You know the commercials for pharmaceutical drugs on TV that have to list the side effects?
My kids and I always crack up at these commercials because we can’t imagine someone taking a pill where the side effect could be death.
For some reason, alcohol, also a drug, can be advertised without needing to mention any side effects.
This is curious because alcohol causes more deaths than all pharmaceutical drugs combined.
But I was trying to imagine a Budweiser commercial during the Super Bowl that had to list the warnings. What would they have to say?
Long-term alcohol misuse is associated with liver and cardiovascular disease, cancer, and nervous system damage as well as psychiatric problems such as depression, anxiety, and antisocial personality disorder.
Alcohol and its consumption can cause a number of marked changes in behavior. Even low doses significantly impair judgment and coordination. It can cause feelings of depression.
Intoxication occurs because the liver is unable to metabolize more than one ounce of alcohol every hour. Therefore, when a person consumes more alcohol than the body can metabolize, intoxication occurs. Intoxication can generally last anywhere from one to 12 hours, and the after-effects (“hang-over”) of intoxication can last 24 hours or more.
Repeated use of alcohol can lead to increased tolerance that in turn leads to greater amounts required to achieve its desired effects. Once the body develops a dependence on alcohol, a sudden cessation of its intake is likely to produce withdrawal symptoms that can be life-threatening and include severe anxiety, tremors, hallucinations, and convulsions.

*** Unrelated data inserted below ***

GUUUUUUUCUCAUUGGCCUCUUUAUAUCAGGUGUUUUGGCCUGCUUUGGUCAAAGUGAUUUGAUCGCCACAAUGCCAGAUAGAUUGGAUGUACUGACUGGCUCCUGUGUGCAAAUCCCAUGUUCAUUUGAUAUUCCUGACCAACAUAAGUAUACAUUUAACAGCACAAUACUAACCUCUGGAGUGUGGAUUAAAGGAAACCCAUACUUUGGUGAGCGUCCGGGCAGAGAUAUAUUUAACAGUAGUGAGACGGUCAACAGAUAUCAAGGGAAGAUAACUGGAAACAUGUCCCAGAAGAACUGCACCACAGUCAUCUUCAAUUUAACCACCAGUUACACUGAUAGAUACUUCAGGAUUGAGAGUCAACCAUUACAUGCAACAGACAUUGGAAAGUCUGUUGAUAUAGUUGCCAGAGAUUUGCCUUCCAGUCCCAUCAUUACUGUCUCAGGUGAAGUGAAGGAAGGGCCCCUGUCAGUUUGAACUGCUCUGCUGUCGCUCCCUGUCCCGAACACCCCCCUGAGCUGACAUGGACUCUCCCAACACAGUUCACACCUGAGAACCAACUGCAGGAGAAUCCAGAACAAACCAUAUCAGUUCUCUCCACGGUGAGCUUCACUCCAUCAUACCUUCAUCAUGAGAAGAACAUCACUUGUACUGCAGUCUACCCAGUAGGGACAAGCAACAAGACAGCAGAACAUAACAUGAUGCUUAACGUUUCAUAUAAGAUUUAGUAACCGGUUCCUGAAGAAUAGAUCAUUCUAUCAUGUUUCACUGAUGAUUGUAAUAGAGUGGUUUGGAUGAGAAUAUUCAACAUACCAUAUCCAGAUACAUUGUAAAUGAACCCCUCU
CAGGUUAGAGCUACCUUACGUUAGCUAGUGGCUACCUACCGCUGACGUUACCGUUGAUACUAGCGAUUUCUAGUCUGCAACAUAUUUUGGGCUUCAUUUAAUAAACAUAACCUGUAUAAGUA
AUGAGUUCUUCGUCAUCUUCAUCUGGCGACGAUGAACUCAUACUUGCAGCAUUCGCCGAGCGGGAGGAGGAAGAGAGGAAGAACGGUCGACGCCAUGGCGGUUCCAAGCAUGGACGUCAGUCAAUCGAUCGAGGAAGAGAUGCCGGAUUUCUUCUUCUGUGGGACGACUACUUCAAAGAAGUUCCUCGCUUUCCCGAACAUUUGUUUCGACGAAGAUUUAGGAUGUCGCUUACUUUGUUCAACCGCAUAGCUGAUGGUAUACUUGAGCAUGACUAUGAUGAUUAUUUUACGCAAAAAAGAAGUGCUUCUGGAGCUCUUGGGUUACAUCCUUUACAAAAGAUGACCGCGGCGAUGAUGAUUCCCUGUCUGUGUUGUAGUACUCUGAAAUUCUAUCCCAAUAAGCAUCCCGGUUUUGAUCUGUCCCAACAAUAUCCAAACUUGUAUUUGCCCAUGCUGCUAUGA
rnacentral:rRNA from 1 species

Alcohol can be lethal if the amount of alcohol reaches a concentration above 460 milligrams of alcohol per 100 milliliters of blood (0.46 g/dL). Death from respiratory depression can occur with severe alcohol intoxication, and this can be hastened if alcohol is combined with CNS depressant medications.
Excessive use of alcohol can lead to alcohol dependence.
Drinking and driving results in numerous car accidents, injuries, and deaths each year. In 2009, there were over 10,800 crash fatalities with a driver BAC of 0.08 or higher, roughly 32 percent of total traffic fatalities for the year. Of these drivers, fifty-six percent had had a BAC of 0.15 or greater.
Alcoholism is a treatable disease but is considered a lifelong, chronic illness that requires counseling, support and often medication to control cravings. Relapses are a common problem for alcoholics. Risks for developing alcoholism include a genetic predisposition and lifestyle practices. Stress, ease of alcohol availability, and peer groups can increase the risk for alcoholism.
Excessive alcohol use has immediate effects that increase the risk of many harmful health conditions. These are most often the result of binge drinking and include the following:
- Injuries, such as motor vehicle crashes, falls, drownings, and burns.
- Violence, including homicide, suicide, sexual assault, and intimate partner violence.
- Alcohol poisoning, a medical emergency that results from high blood alcohol levels.
- Risky sexual behaviors, including unprotected sex or sex with multiple partners. These behaviors can result in unintended pregnancy or sexually transmitted diseases, including HIV.
- Miscarriage and stillbirth among pregnant women.
- High blood pressure, heart disease, stroke, liver disease, and digestive problems.
- Cancer of the breast, mouth, throat, esophagus, liver, and colon.
- Learning and memory problems, including dementia and poor school performance.
- Mental health problems, including depression and anxiety.
- Social problems, including lost productivity, family problems, and unemployment.
- Alcohol dependence, or alcoholism.